Oscar Isaac Reckons Moon Knight Would Beat Spider-Man 2099 In A Fight

As if "Spider-Man: Into the Spider-Verse" wasn't perfect enough, the post-credits scene added one more webslinger to its already stacked cast of Spider-People. Just when you thought the film couldn't get better, Miguel O'Hara a.k.a. Spider-Man 2099 was introduced on-screen in his blue and red suit, voiced by Oscar Isaac. Though the scene was technically a sequel tease, it managed to not feel cynical or grating by doing things "Spider-Verse style." It wore its love for the Marvel hero as a cultural icon on its sleeve instead of baiting the audience with cheap cliffhangers. Humorously, the first thing 2099 does with his new multiverse-hopping tech is a time jump back to the 60s' "Spider-Man" animated series to recreate the beloved "Spider-Man pointing" meme.

Since the 2018 release of "Into the Spider-Verse," Oscar Isaac has been busy. Right after wrapping up his role as hot-shot pilot Poe Dameron in the "Star Wars" sequel trilogy, he decided to join the Marvel Cinematic Universe by taking on the role of "Moon Knight," the caped vigilante who lives with a dissociative identity disorder. As one of the more standalone Marvel series, "Moon Knight" plays to Isaac's strengths, including his incredible amount of range and capacity for genuine pathos — even justifying a very silly British accent for one of Marc Spector's alters.

Of course, playing two famous Marvel heroes begs the age old comic book question: who would win in a fight? Spider-Man 2099, or Moon Knight? In the latest issue of Empire magazine, which covers the upcoming sequel "Spider-Man: Across the Spider-Verse," Isaac decides the "Fist of Khonshu" easily wins that battle.

"It's interesting — they have some similarities, actually. But the unpredictability of Moon Knight, the fact that he's the man of a million faces..." Isaac pondered. "Yeah, l've got to go with Moon Knight on this one."

'The reluctant ringleader of these wild Spider-People'

Production on "Across the Spider-Verse" would not officially start until 2020, so Isaac was able to get a measurable sense of the first film's large cultural impact and staggering success before getting the opportunity to flesh out Miguel even further with 2099's expanded role in the sequel. He told Empire:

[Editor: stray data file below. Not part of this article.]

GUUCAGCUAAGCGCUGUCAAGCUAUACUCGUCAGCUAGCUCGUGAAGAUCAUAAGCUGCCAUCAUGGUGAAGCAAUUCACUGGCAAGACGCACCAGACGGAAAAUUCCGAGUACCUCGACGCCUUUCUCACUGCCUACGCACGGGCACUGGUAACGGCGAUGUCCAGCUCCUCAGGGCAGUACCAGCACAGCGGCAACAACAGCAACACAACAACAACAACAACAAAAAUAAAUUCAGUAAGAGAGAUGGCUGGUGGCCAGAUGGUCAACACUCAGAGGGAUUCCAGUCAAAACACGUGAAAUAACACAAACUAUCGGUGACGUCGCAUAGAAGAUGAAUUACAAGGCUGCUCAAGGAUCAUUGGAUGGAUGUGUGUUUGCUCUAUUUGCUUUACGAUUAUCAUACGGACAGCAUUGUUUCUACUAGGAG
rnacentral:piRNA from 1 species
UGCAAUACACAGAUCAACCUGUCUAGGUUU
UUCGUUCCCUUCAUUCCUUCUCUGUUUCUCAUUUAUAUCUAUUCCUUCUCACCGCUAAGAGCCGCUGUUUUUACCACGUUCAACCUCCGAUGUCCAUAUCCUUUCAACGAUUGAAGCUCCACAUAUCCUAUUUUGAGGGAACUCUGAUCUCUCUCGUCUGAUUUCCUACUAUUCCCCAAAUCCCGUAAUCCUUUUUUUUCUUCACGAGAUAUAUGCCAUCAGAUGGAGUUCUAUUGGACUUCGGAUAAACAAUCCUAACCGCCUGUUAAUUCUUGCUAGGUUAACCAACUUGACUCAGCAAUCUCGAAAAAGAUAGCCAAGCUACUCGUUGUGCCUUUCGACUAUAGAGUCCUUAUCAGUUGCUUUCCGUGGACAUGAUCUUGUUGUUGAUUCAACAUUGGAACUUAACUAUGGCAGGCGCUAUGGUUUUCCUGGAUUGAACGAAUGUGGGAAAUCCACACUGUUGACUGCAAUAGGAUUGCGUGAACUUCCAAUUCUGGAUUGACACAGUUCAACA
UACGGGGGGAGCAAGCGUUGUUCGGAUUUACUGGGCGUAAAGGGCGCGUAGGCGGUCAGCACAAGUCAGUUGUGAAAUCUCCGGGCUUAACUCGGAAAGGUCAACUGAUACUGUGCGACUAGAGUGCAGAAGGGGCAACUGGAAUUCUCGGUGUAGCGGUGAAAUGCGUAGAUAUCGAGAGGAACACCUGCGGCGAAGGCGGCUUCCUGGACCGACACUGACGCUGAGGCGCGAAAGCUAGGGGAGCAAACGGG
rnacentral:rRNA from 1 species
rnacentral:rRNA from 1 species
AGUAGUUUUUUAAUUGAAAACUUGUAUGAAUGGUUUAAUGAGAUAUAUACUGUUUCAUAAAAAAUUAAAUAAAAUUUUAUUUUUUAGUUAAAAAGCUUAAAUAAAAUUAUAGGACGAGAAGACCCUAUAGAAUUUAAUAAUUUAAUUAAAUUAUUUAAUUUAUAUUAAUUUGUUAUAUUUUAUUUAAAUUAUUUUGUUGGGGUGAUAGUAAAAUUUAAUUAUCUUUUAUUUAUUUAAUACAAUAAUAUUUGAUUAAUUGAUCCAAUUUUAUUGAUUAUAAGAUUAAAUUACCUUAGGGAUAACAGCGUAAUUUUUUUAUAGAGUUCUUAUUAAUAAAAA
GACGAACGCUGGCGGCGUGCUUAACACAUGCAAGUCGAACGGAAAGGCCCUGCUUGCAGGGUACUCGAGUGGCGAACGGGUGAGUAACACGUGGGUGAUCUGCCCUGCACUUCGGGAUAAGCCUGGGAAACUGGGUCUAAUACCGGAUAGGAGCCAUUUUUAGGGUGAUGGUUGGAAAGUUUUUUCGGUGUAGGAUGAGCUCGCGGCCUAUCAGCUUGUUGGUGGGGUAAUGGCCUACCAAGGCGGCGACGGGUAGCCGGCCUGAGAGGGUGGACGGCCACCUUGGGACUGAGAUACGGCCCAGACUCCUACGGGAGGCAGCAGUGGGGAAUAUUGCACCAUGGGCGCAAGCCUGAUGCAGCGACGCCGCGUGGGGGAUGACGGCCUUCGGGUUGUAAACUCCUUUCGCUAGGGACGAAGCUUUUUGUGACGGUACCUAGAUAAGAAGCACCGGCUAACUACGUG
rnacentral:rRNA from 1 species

"It's always difficult to anticipate these things, but I did feel it was one of the most unique and amazing animated films I'd ever seen. It was alive and fresh and really funny. I was so glad just to do that one little bit at the end, so I got very excited when I got the call saying, 'We see [Miguel] as a real character in the next one [...] He's the reluctant ringleader of these wild Spider-People. He's annoyed at having to be the leader. He's naturally someone of a heavier disposition — a loner — so a lot of the humour comes from him having to be this kind of kindergarten teacher."

Though "Into the Spider-Verse" paid high and proper respects to Peter Parker as a cultural icon, it also importantly de-centered him as the definitive version of Spider-Man, allowing all these alternate versions of the hero shine in their own unique, colorful, and wacky ways. Some take care of their respective "friendly neighborhoods," like Miles's passion for Brooklyn — but in the trailers for "Across the Spider-Verse," so far, it seems as though it is 2099's own burden to take care of the integrity of the Spider-Verse itself. (Though he's notably not the villain.)

'He wants to control the narrative'

As we've observed in the past, most Spider-People are fueled by quips, sass, and corny jokes, so 2099's role as the notoriously humorless man trying to keep the circus from falling apart is a funny dynamic we're excited to see. "He's the only 'not-funny' Spider-Person. Which makes him funny," Isaac laughed. "It was fun crafting that with Phil Lord and Kemp Powers: finding that throughline where you can take the piss out of him because he takes himself so seriously."

The first "Spider-Verse" was about a teenager growing into his own into an oversaturated world of heroes, and the sequel seems as though it's going to take that concept even further. Instead of alternate heroes arriving in Miles's dimension, he's going to see all these different realities first hand. How does a humble Spider-Man from Brooklyn find belonging in this endless universe? In contrast, Isaac shared that Miguel O'Hara serves as Miles' character foil in this film:

"One of the themes of this movie is, where do you belong? What's supposed to happen; what's pre-ordained? A character like mine is trying so hard to control things. He wants to control the narrative, [as a result of] tragedies that have unfolded in his life. So, he gets tested when he comes up against a live-wire like Miles."

As the middle chapter of the "Spider-Verse" trilogy, writer/producer Chris Miller described "Across the Spider-Verse" as the "Empire Strikes Back" of the franchise. The scale will be bigger, the universe will expand, and yet the stakes will stay as personal as ever.

"Spider-Man: Across the Spider-Verse" will release in theaters on June 2, 2023.